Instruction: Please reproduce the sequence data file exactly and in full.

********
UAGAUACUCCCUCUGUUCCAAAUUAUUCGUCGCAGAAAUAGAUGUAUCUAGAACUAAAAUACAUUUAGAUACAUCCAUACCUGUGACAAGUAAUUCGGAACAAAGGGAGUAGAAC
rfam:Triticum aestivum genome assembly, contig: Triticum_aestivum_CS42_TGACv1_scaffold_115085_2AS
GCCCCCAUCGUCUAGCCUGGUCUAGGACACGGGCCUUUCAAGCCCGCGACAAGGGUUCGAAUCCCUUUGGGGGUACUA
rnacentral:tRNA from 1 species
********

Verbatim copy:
UAGAUACUCCCUCUGUUCCAAAUUAUUCGUCGCAGAAAUAGAUGUAUCUAGAACUAAAAUACAUUUAGAUACAUCCAUACCUGUGACAAGUAAUUCGGAACAAAGGGAGUAGAAC
rfam:Triticum aestivum genome assembly, contig: Triticum_aestivum_CS42_TGACv1_scaffold_115085_2AS
GCCCCCAUCGUCUAGCCUGGUCUAGGACACGGGCCUUUCAAGCCCGCGACAAGGGUUCGAAUCCCUUUGGGGGUACUA
rnacentral:tRNA from 1 species